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Inspiration

A couple of years ago, I had significant breakthrough in so many areas of my life. At first, it felt overwhelming to process so much guilt, shame, blame, resentment, and anger. There was so much digging I had to do to understand my journey — let alone accept areas in my life that I felt deprived of and to see the lessons in it regardless. It was a rude awakening to see all the things I was carrying for years emotionally and mentally, and I never thought it was necessary to pause and find tools to work through a lot of my issues. However, this transformative experience made me hungry for healing.

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The last year and a half has been the most challenging and bittersweet experience to go through for many people globally. Nothing feels the same since the pandemic hit, losing loved ones, sacred romantic relationships falling apart, excessive jobs loss, employment uncertainty, and coping with the ongoing mental health crisis. It's all just been extremely overwhelming, to say the least. And I know that human beings are the most adaptable species on Earth but the downpour of complex events to work through all at once feels disheartening.

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You know, there's a Scripture in the Bible that basically says bitterness causes trouble (Hebrews 12:15). And once you see some of the telling signs that someone is indeed a bitter person, I think it will be easy to understand why that point rings oh so very true. Because as an author by the name of Christine E. Szymanski once said, "If you are working hard to be a better you, you will have no time to be bitter." This basically implies that bitterness makes one stagnant and if you're choosing a mindset that literally keeps you stuck, there is nothing about it that benefits you in the long run.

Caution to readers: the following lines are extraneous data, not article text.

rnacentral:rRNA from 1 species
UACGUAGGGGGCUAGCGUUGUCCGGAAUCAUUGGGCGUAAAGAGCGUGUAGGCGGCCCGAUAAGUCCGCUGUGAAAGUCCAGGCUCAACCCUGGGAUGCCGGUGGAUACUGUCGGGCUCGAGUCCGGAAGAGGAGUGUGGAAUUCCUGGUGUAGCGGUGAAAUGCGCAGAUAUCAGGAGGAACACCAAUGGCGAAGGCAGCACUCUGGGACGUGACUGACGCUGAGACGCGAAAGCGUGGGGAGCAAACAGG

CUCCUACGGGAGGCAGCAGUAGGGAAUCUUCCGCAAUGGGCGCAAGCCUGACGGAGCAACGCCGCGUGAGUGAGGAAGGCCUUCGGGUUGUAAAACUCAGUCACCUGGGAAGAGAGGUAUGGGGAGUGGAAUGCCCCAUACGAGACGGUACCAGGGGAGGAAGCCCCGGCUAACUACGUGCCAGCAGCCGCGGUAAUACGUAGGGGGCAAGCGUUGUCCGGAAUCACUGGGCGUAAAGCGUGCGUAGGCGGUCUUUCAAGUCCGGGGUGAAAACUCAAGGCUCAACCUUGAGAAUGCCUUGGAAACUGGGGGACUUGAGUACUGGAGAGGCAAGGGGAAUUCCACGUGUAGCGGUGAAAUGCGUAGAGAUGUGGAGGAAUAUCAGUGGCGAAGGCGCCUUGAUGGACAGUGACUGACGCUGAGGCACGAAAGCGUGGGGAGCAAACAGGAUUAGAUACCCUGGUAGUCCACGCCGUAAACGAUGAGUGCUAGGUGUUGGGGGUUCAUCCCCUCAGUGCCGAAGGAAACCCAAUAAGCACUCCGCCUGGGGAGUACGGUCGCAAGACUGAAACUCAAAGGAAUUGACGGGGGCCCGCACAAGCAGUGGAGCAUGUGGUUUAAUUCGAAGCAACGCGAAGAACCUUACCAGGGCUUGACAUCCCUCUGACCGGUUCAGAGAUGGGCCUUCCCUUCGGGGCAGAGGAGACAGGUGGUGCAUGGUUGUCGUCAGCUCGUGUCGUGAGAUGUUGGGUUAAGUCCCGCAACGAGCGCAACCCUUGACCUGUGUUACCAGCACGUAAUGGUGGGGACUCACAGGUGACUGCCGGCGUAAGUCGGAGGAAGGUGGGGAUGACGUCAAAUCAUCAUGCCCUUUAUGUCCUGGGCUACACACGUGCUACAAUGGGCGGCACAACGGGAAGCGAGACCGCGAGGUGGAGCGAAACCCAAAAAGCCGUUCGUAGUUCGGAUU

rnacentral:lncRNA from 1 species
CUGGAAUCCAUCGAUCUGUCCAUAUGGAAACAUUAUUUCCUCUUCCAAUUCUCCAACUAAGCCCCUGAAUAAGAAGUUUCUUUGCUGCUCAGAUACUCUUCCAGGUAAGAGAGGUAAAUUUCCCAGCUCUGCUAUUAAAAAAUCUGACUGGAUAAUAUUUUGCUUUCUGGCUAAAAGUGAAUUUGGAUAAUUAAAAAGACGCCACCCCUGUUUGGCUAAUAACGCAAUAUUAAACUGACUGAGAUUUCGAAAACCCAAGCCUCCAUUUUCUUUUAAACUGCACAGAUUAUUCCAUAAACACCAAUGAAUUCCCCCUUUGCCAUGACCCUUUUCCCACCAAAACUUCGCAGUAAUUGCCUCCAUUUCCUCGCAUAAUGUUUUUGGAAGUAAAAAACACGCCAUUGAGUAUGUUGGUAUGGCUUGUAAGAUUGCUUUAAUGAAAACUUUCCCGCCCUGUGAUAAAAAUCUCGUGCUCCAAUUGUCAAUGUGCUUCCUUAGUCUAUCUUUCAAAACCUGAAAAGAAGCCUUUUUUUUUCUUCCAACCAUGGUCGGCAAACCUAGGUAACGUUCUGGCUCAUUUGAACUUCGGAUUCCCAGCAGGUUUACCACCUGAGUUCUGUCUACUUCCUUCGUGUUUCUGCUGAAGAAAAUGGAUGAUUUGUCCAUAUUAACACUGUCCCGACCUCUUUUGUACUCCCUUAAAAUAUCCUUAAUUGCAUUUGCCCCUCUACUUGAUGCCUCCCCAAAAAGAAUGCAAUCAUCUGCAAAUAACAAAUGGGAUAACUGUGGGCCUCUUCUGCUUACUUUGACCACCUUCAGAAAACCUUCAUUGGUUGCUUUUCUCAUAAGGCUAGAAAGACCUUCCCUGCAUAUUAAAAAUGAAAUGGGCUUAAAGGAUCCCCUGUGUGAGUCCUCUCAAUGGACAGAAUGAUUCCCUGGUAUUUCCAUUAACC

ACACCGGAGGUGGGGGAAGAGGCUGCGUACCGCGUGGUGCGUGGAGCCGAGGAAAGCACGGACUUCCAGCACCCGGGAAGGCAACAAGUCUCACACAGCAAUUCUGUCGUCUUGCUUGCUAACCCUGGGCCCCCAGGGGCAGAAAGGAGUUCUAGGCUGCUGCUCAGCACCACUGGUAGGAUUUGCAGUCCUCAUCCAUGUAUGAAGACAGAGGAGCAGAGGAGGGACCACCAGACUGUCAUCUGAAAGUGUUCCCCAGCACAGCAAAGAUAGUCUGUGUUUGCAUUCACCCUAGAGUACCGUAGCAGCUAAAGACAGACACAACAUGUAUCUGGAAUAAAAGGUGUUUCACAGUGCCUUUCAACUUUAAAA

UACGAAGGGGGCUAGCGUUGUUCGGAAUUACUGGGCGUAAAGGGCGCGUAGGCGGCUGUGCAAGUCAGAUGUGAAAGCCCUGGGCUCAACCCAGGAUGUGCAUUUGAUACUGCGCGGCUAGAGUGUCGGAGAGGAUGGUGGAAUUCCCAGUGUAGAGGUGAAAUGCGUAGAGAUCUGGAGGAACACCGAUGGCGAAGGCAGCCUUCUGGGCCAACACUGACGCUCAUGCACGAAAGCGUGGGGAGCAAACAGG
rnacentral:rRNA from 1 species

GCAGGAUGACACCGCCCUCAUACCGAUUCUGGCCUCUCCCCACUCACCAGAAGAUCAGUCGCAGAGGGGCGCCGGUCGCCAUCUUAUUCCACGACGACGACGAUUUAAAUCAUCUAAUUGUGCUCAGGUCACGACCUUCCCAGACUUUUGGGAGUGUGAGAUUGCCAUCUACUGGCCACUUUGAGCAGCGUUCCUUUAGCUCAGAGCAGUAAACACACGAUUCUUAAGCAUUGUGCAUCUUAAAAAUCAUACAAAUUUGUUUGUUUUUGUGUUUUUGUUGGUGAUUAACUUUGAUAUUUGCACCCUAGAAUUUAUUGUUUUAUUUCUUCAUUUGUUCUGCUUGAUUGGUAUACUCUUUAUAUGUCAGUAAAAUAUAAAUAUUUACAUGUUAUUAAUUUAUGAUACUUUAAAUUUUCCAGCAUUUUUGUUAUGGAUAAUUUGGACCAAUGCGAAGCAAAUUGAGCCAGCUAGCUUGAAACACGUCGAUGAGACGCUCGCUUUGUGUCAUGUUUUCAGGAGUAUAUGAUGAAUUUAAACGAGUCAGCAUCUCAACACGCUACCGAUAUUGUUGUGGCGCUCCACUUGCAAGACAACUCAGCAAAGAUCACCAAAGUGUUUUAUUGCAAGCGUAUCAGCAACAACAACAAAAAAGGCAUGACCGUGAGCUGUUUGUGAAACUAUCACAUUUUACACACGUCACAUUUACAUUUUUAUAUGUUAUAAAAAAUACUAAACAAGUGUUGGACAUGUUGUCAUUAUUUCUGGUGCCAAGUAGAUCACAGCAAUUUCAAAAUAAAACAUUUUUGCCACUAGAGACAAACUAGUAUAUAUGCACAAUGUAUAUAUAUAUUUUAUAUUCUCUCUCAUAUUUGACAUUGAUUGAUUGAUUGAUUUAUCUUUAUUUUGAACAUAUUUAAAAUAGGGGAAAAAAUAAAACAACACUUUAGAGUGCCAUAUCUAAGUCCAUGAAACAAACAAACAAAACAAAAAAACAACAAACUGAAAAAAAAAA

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Earlier this summer, the media chastised R&B singer Chloe Bailey for her rendition of Nina Simone's song "Feeling Good." Some thought her Juneteenth performance was too sexualized and took away from the meaning of Juneteenth. Many felt Chloe's performance represents the stigma of hypersexualized Black women. And I think Chloe might have thought a Juneteenth performance would be a safe space to show the world how she has evolved as a young Black woman.

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Sunday to Sunday. That is how I process a seven-day week. And if there's one thing that I'm a huge fan of, it's taking out a little time (whether it's on a Friday because that's the end of the work week or a Sunday) to process what the last week has been like. It's reflective, sure. Yet as I get older, the real benefit that I see in it is it helps me to be more accountable to how I use my time. Time that is valuable. Time that I can't get back. Time that serves a purpose. Yes y'all, time always serves a purpose.

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We all have heard the terms "Black girl magic" and "self-care" thrown around a lot over the past few years, and they seem to do this very confusing dance that a trauma-bonded couple might enjoy. What self-care means can depend on the person, their socioeconomic status, their lifestyle, their culture, and their career. And, of course, Black girl magic seems to apply to any woman of color who is wearing that same superwoman cape Karen White very beautifully lamented about in the '80s.

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